Monday, February 25, 2013

Ben McLemore's Aggression

It's not often that an NCAA wing player projected to go number one in the NBA Draft by some is perceived to be lacking a killer instinct closing out games. However, the narrative behind the play of Ben McLemore has been just that. The redshirt freshman is having an outstanding season by any measure, with shootings splits of 43/55/88. To put that into perspective, Kevin Durant (albeit at a much higher usage) was 40/51/82 at Texas. Still, in Kansas' 68-67 double overtime win against Oklahoma State, McLemore took just one shot in the two overtimes combined (an air ball three).

I decided to look further into McLemore's scoring. To do this, I looked at the 12 single digit games the Jayhawks have played in this season (essentially excluding blowouts). I then divided each of these 12 games into eight parts. I looked at McLemore's shooting from the 20 minute mark to the 15 minute mark of the first half, from the 15 minute mark to the 10 minute mark, and so on. My goal here was NOT to measure McLemore's "clutchness", as that would be impossible to do from a 12 game sample size. However, I wanted to see McLemore's assertiveness depending on time remaining in KU's close games this season. The results are as follows:

The table above shows McLemore's shot attempts and points scored during each portion of the game. The graph shows shot attempts in a way that is hopefully easier to visualize. I should note that the data is only from McLemore's play in regulation, so the three overtime periods KU has played in this season are omitted.

Key Takeaways

McLemore doesn't get to the foul line in the first half. This was the first thing that popped out at me. McLemore took just eight free throws combined in the first half of the 12 games. Even crazier, he took ZERO free throws in the first 10 minutes of these games.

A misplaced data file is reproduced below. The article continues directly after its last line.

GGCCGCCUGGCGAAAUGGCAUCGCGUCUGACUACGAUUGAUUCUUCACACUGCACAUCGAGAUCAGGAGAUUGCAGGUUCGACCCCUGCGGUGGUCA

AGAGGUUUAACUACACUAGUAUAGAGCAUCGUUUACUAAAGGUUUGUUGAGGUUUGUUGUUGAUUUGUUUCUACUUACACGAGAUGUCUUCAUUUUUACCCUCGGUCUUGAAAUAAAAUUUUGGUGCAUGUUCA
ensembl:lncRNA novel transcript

McLemore has been most aggressive at the end of games. It appears that the overtimes against Oklahoma State were the exception and not the rule. McLemore has done the most scoring in the final 10 minutes of the game. The last five minutes of the game could be inflated by intentional fouls, but the 10-5 minute category shows that McLemore's both extremely aggressive and extremely efficient closing out games.

McLemore can shoot the basketball. Putting everything else aside, just look at the freshman's shooting efficiency. Regardless of whether or not McLemore lacks a closer mentality, his shooting numbers look straight out of a video game.

Tuesday, February 19, 2013

Bucknell and Turnovers

There has been a lot of talk all year long about VCU's havoc defense. The type of defense Shaka Smart's team plays is exciting to watch and pretty effective. Currently, VCU is 30th in the country in AdjD.  Bucknell is a team with an equally unique defense, but not even close to the same media attention.

Dave Paulsen's Bucknell squad currently sits at 22-5 and is coming off of a big road victory at Lehigh. The team is led by senior big man Mike Muscala and is ranked 50th in the country in AdjD. They have accomplished this by being the "anti-VCU". Bucknell does the fantasy sports equivalent of "punting" a category on defense. They don't look to create turnovers on defense at all, instead they focus on contesting shot attempts and keeping opponents off the offensive glass. Bucknell ranks number nine in the nation in opponent's eFG%, number two in the nation in opponent's in defensive rebounding, and number 345 in the nation in forcing turnovers. 

To make matters more interesting, the Bison also don't turn the ball over themselves (on offense). If you don't like watching teams turn the ball over, Bucknell games are the ones for you. If you think about this strategy a little deeper, it's a very odd concept. On offense, Paulsen stresses not turning the ball over and not crashing the glass (presumably to focus on getting back on defense). On defense, Paulsen forces his opponents to use the same exact strategy he uses! If Paulsen believes taking care of the ball and getting back on defense is the best way to play basketball, why does he enable his opponent to do exactly that? The answer here is probably that he believes that Bucknell can play Bucknell basketball better than their opponents play Bucknell basketball. Confusing, I know.

For fun, I added offensive TO% and defensive TO% together for every team this season. As I figured, Bucknell came out on top (the lowest total):

Basic logic says that the total (Off TO% + Def TO%) should have no correlation to winning/efficiency. A low total means your TO% is good on offense, but bad on defense. A high total means your TO% is bad on offense, but good on defense.  These should cancel each other out either way. However, the previous table shows that there are some pretty solid teams with low totals. To compare, the table below shows the bottom 10 of the table (their games consist of many turnovers):